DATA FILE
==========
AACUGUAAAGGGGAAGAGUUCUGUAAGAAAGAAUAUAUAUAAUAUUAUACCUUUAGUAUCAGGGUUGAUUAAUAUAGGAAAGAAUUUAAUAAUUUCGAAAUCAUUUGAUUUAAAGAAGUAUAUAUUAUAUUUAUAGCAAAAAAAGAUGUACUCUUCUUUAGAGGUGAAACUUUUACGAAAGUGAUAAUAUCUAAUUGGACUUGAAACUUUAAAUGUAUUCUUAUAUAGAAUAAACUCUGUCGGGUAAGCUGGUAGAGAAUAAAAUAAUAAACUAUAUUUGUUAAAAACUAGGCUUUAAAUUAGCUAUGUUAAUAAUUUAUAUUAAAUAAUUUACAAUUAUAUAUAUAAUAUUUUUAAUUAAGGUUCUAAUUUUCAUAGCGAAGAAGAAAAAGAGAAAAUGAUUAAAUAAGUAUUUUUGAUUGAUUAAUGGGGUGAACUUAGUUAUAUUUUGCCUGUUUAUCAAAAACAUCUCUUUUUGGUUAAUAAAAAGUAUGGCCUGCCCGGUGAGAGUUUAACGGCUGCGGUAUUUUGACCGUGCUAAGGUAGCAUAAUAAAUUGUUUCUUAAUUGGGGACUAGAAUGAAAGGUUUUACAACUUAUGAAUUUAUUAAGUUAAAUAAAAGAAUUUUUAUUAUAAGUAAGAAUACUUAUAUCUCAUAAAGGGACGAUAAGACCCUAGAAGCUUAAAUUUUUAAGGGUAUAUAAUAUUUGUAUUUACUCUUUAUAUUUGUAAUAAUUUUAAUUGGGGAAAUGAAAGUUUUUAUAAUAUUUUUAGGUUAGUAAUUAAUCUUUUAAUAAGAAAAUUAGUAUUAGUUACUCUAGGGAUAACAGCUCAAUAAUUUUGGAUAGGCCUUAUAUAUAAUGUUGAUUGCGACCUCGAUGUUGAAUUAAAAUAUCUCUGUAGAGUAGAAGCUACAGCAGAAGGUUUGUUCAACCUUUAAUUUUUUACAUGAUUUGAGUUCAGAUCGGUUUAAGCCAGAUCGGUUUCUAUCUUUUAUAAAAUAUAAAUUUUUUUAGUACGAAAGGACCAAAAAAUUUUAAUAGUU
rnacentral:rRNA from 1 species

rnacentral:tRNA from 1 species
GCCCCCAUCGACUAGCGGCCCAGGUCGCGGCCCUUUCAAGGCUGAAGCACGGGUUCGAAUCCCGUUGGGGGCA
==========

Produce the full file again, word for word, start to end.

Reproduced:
AACUGUAAAGGGGAAGAGUUCUGUAAGAAAGAAUAUAUAUAAUAUUAUACCUUUAGUAUCAGGGUUGAUUAAUAUAGGAAAGAAUUUAAUAAUUUCGAAAUCAUUUGAUUUAAAGAAGUAUAUAUUAUAUUUAUAGCAAAAAAAGAUGUACUCUUCUUUAGAGGUGAAACUUUUACGAAAGUGAUAAUAUCUAAUUGGACUUGAAACUUUAAAUGUAUUCUUAUAUAGAAUAAACUCUGUCGGGUAAGCUGGUAGAGAAUAAAAUAAUAAACUAUAUUUGUUAAAAACUAGGCUUUAAAUUAGCUAUGUUAAUAAUUUAUAUUAAAUAAUUUACAAUUAUAUAUAUAAUAUUUUUAAUUAAGGUUCUAAUUUUCAUAGCGAAGAAGAAAAAGAGAAAAUGAUUAAAUAAGUAUUUUUGAUUGAUUAAUGGGGUGAACUUAGUUAUAUUUUGCCUGUUUAUCAAAAACAUCUCUUUUUGGUUAAUAAAAAGUAUGGCCUGCCCGGUGAGAGUUUAACGGCUGCGGUAUUUUGACCGUGCUAAGGUAGCAUAAUAAAUUGUUUCUUAAUUGGGGACUAGAAUGAAAGGUUUUACAACUUAUGAAUUUAUUAAGUUAAAUAAAAGAAUUUUUAUUAUAAGUAAGAAUACUUAUAUCUCAUAAAGGGACGAUAAGACCCUAGAAGCUUAAAUUUUUAAGGGUAUAUAAUAUUUGUAUUUACUCUUUAUAUUUGUAAUAAUUUUAAUUGGGGAAAUGAAAGUUUUUAUAAUAUUUUUAGGUUAGUAAUUAAUCUUUUAAUAAGAAAAUUAGUAUUAGUUACUCUAGGGAUAACAGCUCAAUAAUUUUGGAUAGGCCUUAUAUAUAAUGUUGAUUGCGACCUCGAUGUUGAAUUAAAAUAUCUCUGUAGAGUAGAAGCUACAGCAGAAGGUUUGUUCAACCUUUAAUUUUUUACAUGAUUUGAGUUCAGAUCGGUUUAAGCCAGAUCGGUUUCUAUCUUUUAUAAAAUAUAAAUUUUUUUAGUACGAAAGGACCAAAAAAUUUUAAUAGUU
rnacentral:rRNA from 1 species

rnacentral:tRNA from 1 species
GCCCCCAUCGACUAGCGGCCCAGGUCGCGGCCCUUUCAAGGCUGAAGCACGGGUUCGAAUCCCGUUGGGGGCA